Late last year, on October 9, 2019, President Trump issued two Executive Orders (“EOs”) that could have a dramatic impact on the way OSHA and other executive agencies operate:
- Executive Order 13891, the Executive Order on Promoting the Rule of Law Through Improved Agency Guidance Documents (Guidance Documents EO); and
- Executive Order 13892, the Executive Order on Promoting the Rule of Law Through Transparency and Fairness in Civil Administrative Enforcement and Adjudication (Transparency EO).
These EOs were designed to, according to the President:
“protect Americans from out-of-control bureaucracy and stop regulators from imposing secret rules and hidden penalties on the American people. . .”
In a nutshell, the Guidance Documents EO mandates that the public be provided with an opportunity to comment on proposed guidance and interpretive documents (similar to what is required under the Administrative Procedures Act for rulemaking). It requires notice and publication of guidance, and the creation of a comprehensive online database where all such guidance must be housed and easily searched.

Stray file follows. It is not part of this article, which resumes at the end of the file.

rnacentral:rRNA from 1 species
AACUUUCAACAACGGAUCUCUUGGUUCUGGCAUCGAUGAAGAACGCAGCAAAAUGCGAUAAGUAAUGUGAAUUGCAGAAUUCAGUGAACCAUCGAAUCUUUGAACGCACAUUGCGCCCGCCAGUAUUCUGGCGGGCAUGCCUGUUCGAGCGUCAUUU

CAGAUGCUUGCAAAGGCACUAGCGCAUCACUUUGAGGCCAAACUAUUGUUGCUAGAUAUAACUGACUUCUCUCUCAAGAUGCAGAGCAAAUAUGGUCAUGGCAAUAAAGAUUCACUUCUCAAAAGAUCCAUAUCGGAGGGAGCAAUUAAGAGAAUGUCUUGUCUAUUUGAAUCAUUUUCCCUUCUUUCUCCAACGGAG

The Transparency EO focuses on agency enforcement actions. Most significantly, it requires agencies to provide all parties potentially subject to an enforcement action the opportunity to engage with the agency over the merits of the action prior to commencement of the enforcement action. It also:
- prevents agencies from enforcing standards that are not public and that would cause unfair surprise to the regulated entity (i.e., no enforcement relying on guidance documents that are not created and maintained pursuant to the Guidance Documents EO);
- requires the publication of any potential new or expanded jurisdiction in the Federal Register;
- mandates the development of procedures for encouraging voluntary self-reporting in exchange for penalty reductions; and
- requires that agencies adhere to standards in the Paperwork Reduction Act when asking regulated parties for information without a formal subpoena or investigative demand.
The two new Executive Orders align with the President’s business-friendly agenda, making it more difficult for regulators to engage in backdoor rulemaking (i.e., supplementing or changing regulations via the issuance of guidance documents developed without public input), and easier for businesses to keep track of the regulatory requirements with which they must comply, and to head off enforcement actions before they begin.
How will the Executive Orders change the OSH regulatory landscape, and what should employers expect next? Continue reading